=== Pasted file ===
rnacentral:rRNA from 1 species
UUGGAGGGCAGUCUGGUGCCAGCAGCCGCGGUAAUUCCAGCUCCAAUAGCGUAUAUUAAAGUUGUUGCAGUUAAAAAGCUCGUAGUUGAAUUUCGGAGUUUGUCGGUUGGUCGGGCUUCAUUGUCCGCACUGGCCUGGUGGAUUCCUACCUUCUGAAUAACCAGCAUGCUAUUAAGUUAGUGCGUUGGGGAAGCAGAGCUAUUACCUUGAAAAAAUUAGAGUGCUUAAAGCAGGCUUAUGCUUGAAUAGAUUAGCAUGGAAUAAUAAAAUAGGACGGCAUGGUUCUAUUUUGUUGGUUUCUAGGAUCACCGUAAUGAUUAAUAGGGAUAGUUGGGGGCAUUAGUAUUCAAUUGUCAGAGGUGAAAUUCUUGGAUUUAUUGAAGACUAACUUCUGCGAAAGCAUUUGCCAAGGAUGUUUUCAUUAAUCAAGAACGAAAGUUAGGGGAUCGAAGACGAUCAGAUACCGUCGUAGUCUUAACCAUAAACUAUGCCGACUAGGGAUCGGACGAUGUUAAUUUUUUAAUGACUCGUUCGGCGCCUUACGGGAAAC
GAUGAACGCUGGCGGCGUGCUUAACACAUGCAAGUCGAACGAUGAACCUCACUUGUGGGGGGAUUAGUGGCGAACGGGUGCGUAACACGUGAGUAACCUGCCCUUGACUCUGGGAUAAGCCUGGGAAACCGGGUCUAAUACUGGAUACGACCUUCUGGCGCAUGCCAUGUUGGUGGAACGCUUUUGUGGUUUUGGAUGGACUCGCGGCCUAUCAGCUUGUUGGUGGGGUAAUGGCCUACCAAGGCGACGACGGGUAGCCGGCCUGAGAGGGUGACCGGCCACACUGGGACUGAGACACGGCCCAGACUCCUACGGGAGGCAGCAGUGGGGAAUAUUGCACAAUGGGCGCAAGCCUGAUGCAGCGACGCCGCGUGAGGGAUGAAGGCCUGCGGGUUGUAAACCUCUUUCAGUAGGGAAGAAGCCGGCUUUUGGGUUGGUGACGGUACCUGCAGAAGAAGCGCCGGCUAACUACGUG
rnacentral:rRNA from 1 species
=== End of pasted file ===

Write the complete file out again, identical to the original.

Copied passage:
rnacentral:rRNA from 1 species
UUGGAGGGCAGUCUGGUGCCAGCAGCCGCGGUAAUUCCAGCUCCAAUAGCGUAUAUUAAAGUUGUUGCAGUUAAAAAGCUCGUAGUUGAAUUUCGGAGUUUGUCGGUUGGUCGGGCUUCAUUGUCCGCACUGGCCUGGUGGAUUCCUACCUUCUGAAUAACCAGCAUGCUAUUAAGUUAGUGCGUUGGGGAAGCAGAGCUAUUACCUUGAAAAAAUUAGAGUGCUUAAAGCAGGCUUAUGCUUGAAUAGAUUAGCAUGGAAUAAUAAAAUAGGACGGCAUGGUUCUAUUUUGUUGGUUUCUAGGAUCACCGUAAUGAUUAAUAGGGAUAGUUGGGGGCAUUAGUAUUCAAUUGUCAGAGGUGAAAUUCUUGGAUUUAUUGAAGACUAACUUCUGCGAAAGCAUUUGCCAAGGAUGUUUUCAUUAAUCAAGAACGAAAGUUAGGGGAUCGAAGACGAUCAGAUACCGUCGUAGUCUUAACCAUAAACUAUGCCGACUAGGGAUCGGACGAUGUUAAUUUUUUAAUGACUCGUUCGGCGCCUUACGGGAAAC
GAUGAACGCUGGCGGCGUGCUUAACACAUGCAAGUCGAACGAUGAACCUCACUUGUGGGGGGAUUAGUGGCGAACGGGUGCGUAACACGUGAGUAACCUGCCCUUGACUCUGGGAUAAGCCUGGGAAACCGGGUCUAAUACUGGAUACGACCUUCUGGCGCAUGCCAUGUUGGUGGAACGCUUUUGUGGUUUUGGAUGGACUCGCGGCCUAUCAGCUUGUUGGUGGGGUAAUGGCCUACCAAGGCGACGACGGGUAGCCGGCCUGAGAGGGUGACCGGCCACACUGGGACUGAGACACGGCCCAGACUCCUACGGGAGGCAGCAGUGGGGAAUAUUGCACAAUGGGCGCAAGCCUGAUGCAGCGACGCCGCGUGAGGGAUGAAGGCCUGCGGGUUGUAAACCUCUUUCAGUAGGGAAGAAGCCGGCUUUUGGGUUGGUGACGGUACCUGCAGAAGAAGCGCCGGCUAACUACGUG
rnacentral:rRNA from 1 species